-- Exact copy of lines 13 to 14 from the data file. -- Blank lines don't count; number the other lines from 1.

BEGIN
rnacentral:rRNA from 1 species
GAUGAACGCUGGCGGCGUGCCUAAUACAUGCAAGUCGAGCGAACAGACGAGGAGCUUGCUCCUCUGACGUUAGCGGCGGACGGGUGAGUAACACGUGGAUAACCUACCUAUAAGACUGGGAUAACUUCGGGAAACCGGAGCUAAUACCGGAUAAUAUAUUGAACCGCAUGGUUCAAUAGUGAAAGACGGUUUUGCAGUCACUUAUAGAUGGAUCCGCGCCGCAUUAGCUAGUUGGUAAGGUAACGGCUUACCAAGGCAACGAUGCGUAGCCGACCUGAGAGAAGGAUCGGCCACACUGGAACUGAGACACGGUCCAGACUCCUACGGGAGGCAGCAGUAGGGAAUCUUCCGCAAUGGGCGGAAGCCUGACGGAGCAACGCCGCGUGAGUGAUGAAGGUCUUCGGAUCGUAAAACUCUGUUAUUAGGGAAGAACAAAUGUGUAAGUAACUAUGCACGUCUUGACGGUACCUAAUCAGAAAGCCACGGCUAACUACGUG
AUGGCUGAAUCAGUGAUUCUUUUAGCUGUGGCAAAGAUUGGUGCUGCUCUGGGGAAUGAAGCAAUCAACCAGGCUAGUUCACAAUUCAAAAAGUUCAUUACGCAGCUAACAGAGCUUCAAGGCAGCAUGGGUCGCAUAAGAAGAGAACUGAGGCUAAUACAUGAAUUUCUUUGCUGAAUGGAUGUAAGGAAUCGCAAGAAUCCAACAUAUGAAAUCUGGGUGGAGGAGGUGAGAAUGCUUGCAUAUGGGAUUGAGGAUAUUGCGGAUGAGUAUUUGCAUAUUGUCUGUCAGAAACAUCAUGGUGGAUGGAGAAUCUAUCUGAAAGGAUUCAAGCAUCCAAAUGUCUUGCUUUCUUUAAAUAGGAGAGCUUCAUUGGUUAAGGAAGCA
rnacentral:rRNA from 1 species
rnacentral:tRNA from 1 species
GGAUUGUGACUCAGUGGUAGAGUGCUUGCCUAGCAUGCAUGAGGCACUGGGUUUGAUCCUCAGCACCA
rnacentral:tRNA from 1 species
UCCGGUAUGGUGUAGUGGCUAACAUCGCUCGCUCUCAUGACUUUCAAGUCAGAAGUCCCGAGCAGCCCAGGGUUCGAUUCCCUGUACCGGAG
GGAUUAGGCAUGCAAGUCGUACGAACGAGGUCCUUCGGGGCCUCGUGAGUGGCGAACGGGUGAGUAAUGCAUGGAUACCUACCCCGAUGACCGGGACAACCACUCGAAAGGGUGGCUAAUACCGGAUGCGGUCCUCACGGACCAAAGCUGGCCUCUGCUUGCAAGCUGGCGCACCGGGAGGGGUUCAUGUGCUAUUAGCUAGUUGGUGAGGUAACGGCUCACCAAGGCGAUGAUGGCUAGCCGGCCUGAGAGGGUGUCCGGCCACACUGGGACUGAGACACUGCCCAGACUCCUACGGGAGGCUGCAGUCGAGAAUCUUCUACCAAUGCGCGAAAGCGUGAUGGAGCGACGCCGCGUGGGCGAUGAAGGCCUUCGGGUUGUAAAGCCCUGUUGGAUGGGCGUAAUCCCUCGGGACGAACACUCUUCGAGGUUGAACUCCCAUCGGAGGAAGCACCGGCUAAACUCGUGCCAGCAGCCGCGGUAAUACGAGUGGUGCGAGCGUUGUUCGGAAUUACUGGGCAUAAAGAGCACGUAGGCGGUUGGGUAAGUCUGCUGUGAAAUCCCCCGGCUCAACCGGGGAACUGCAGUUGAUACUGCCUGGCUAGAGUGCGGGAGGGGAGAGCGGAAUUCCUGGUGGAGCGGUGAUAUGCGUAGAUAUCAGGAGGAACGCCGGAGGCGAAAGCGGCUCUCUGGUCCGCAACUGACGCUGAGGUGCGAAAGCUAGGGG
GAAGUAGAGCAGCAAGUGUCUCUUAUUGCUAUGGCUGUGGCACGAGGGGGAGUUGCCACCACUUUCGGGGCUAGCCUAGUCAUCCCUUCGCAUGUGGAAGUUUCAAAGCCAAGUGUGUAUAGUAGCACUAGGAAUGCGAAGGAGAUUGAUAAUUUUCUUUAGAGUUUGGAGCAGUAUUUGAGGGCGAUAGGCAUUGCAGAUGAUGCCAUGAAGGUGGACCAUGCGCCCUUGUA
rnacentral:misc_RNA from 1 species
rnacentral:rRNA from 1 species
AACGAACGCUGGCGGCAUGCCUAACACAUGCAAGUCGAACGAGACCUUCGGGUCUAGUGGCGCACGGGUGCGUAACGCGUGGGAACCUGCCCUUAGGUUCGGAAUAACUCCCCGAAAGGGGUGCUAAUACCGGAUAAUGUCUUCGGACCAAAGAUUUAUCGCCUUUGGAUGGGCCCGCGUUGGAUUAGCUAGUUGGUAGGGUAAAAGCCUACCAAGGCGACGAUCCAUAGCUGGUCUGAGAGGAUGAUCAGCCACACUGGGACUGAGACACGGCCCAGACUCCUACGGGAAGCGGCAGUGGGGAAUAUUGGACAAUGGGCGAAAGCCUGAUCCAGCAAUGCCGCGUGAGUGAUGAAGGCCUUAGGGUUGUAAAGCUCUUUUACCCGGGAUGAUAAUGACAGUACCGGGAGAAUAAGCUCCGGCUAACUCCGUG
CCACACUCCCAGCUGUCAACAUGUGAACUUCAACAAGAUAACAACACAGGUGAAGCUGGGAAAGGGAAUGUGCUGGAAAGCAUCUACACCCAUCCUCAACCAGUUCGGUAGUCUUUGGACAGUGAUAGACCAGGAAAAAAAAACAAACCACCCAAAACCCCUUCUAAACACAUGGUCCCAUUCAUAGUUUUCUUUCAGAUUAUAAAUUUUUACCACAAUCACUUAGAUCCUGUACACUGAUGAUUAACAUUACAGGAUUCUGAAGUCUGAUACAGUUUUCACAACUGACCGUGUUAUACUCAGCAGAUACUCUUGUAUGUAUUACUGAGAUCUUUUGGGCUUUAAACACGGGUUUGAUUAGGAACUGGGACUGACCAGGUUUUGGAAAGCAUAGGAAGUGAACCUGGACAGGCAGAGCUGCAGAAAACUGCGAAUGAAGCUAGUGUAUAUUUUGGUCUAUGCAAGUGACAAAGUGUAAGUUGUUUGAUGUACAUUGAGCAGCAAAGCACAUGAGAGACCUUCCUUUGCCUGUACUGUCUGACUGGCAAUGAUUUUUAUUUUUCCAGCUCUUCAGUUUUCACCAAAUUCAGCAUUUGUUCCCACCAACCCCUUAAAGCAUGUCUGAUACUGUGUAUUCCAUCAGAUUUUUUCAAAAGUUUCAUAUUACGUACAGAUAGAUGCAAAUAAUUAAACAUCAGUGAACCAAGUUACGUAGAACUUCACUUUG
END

AACGAACGCUGGCGGCAUGCCUAACACAUGCAAGUCGAACGAGACCUUCGGGUCUAGUGGCGCACGGGUGCGUAACGCGUGGGAACCUGCCCUUAGGUUCGGAAUAACUCCCCGAAAGGGGUGCUAAUACCGGAUAAUGUCUUCGGACCAAAGAUUUAUCGCCUUUGGAUGGGCCCGCGUUGGAUUAGCUAGUUGGUAGGGUAAAAGCCUACCAAGGCGACGAUCCAUAGCUGGUCUGAGAGGAUGAUCAGCCACACUGGGACUGAGACACGGCCCAGACUCCUACGGGAAGCGGCAGUGGGGAAUAUUGGACAAUGGGCGAAAGCCUGAUCCAGCAAUGCCGCGUGAGUGAUGAAGGCCUUAGGGUUGUAAAGCUCUUUUACCCGGGAUGAUAAUGACAGUACCGGGAGAAUAAGCUCCGGCUAACUCCGUG
CCACACUCCCAGCUGUCAACAUGUGAACUUCAACAAGAUAACAACACAGGUGAAGCUGGGAAAGGGAAUGUGCUGGAAAGCAUCUACACCCAUCCUCAACCAGUUCGGUAGUCUUUGGACAGUGAUAGACCAGGAAAAAAAAACAAACCACCCAAAACCCCUUCUAAACACAUGGUCCCAUUCAUAGUUUUCUUUCAGAUUAUAAAUUUUUACCACAAUCACUUAGAUCCUGUACACUGAUGAUUAACAUUACAGGAUUCUGAAGUCUGAUACAGUUUUCACAACUGACCGUGUUAUACUCAGCAGAUACUCUUGUAUGUAUUACUGAGAUCUUUUGGGCUUUAAACACGGGUUUGAUUAGGAACUGGGACUGACCAGGUUUUGGAAAGCAUAGGAAGUGAACCUGGACAGGCAGAGCUGCAGAAAACUGCGAAUGAAGCUAGUGUAUAUUUUGGUCUAUGCAAGUGACAAAGUGUAAGUUGUUUGAUGUACAUUGAGCAGCAAAGCACAUGAGAGACCUUCCUUUGCCUGUACUGUCUGACUGGCAAUGAUUUUUAUUUUUCCAGCUCUUCAGUUUUCACCAAAUUCAGCAUUUGUUCCCACCAACCCCUUAAAGCAUGUCUGAUACUGUGUAUUCCAUCAGAUUUUUUCAAAAGUUUCAUAUUACGUACAGAUAGAUGCAAAUAAUUAAACAUCAGUGAACCAAGUUACGUAGAACUUCACUUUG